Vaccine Supply: Trusting in Blockchain

September 11, 2020
Julian Upton

Julian Upton is Pharmaceutical Executive’s European and Online Editor. He can be reached at jupton@mjhlifesciences.com

Pharmaceutical Executive, Pharmaceutical Executive-09-01-2020, Volume 40, Issue 9

As we wait for a COVID-19 vaccine, pharma is looking to blockchain technology to prepare for the major supply-chain obstacles to come.

Among the many adverse effects of the COVID-19 pandemic, a shortage of drugs, protective equipment, and test kits, product delays, loss of employee productivity, and enforced plant closures have been among those exposing the weaknesses of the pharma supply chain. These challenges pose inevitable problems for the supply of COVID vaccines—when they eventually become available—especially as governments will need to expedite distribution of these treatments to billions of people worldwide. Indeed, the World Economic Forum (WEF) has reported that distributing the COVID-19 vaccine “will require one of the largest supply chain capacities for fighting pandemics ever built,” facilitating the distribution of between seven to 19 billion vaccine doses (the higher figure accounting for double doses where required and for loss of doses during storage and transit).1

Traditional supply chains, however, are at the mercy of bottlenecks, quality control issues, theft, and counterfeiting. As the world clamors for the first COVID vaccines, such problems are likely to be amplified. To avoid these established supply-chain vulnerabilities, pharma is looking to blockchain and its transparent digital ledger technology, which records and logs transactions into “blocks” into a database across a network of computers with no centralized entry point. “Servers are set up over various different data centers and across different geographies,” explains VAI Chief Information Officer Kevin Beasley. “If any particular server becomes compromised or fails for whatever reason, the data still stored in multiple locations.” All users can see the transactions and the changes to the blockchain, and once data is entered it cannot be changed. “You can go back and update records to say that the previous record was incorrect and log new information, but the original data is immutable,” Beasley told Pharm Exec. Blockchain, then, offers “a permanent audit trail.”

Pointing to a Harvard Business Review article stating that the supply chain for a COVID-19 vaccine “must be equitable,”2 WEF adds that such equitability “can only be built on [an] openly verifiable, consensus-driven system having immutable integrity of data with no single source of control.” As vaccine access “will critically depend on an information system with the highest possible integrity,” WEF reports that blockchain technology will be essential for equitable COVID-19 vaccine distribution. While the organization accepts that, so far, blockchain has been mostly used in pilot experiments in retail and transport logistics “to enable real-time tracking of shipments and shared access of data between consortium members, building trust,” it asserts that it is now time for these pilot-scheme learnings to be “utilized to enable a truly global ledger for the COVID-19 vaccine supply chain.”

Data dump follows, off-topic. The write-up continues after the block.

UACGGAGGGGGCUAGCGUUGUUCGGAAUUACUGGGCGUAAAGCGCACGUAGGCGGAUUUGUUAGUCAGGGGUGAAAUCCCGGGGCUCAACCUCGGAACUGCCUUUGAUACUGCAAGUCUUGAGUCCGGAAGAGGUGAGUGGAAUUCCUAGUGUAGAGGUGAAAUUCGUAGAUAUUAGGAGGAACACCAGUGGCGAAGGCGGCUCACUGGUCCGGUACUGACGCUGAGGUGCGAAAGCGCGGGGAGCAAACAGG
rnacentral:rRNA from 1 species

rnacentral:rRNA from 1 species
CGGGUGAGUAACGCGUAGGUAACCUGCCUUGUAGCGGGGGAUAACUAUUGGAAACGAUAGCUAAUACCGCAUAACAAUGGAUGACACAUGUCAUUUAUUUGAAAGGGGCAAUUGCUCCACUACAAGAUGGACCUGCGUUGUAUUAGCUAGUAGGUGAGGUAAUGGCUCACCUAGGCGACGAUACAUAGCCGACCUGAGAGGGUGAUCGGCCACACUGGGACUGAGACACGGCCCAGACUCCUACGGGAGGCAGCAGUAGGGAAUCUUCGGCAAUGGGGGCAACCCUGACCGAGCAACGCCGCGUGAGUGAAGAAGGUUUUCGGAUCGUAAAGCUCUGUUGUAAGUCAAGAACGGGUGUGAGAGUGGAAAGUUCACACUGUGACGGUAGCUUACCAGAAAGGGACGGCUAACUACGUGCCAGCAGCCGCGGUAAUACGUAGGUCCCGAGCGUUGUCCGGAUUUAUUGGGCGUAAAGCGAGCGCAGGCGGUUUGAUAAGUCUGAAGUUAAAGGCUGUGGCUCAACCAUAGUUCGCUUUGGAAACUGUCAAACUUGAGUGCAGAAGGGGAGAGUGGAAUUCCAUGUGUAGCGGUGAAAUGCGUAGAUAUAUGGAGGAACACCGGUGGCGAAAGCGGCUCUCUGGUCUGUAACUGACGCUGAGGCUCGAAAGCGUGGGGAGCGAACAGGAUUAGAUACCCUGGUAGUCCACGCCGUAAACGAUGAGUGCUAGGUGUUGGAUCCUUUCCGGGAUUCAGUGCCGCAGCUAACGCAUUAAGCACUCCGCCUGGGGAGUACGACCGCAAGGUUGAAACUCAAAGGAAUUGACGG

For the vaccine manufacturers, blockchain allows for the accurate tracking of all aspects of the supply chain, from packaging and cold-chain transit to distribution strategies and storage. As Beasley says, many components go into a vaccine, not just active or inactive viral components, and there can be questions about where they are sourced, how they were supplied, etc. With blockchain, manufacturers can track any component included in their vaccines. In July, San Francisco-based technology company Chronicled—the custodian of MediLedger, a decentralized network that connects trading partners without revealing private or competitively sensitive data—reported that MediLedger’s product verification solution will help fight counterfeits and fraud in the medication used for the treatment of COVID-19 by enabling pharmacies and hospitals to authenticate high risk or suspect products. It works through a barcode scan that validates product data against the original manufacturer’s data.

“The whole purpose of blockchain is trust—you can actually trust in the data,” says Beasley. Blockchain-based supply chains would engender this trust in everyone “from manufacturers to doctors and the recipients of the vaccine.”

References

  1. “How the massive plan to deliver the COVID-19 vaccine could make history,” World Economic Forum (weforum.org), July 17, 2020.
  2. “A Covid-19 Vaccine Will Need Equitable, Global Distribution,”
    Harvard Business Review, April 2, 2020.

Julian Upton is Pharm Exec’s European and Online Editor. He can be reached at jupton@mjhlifesciences.com.

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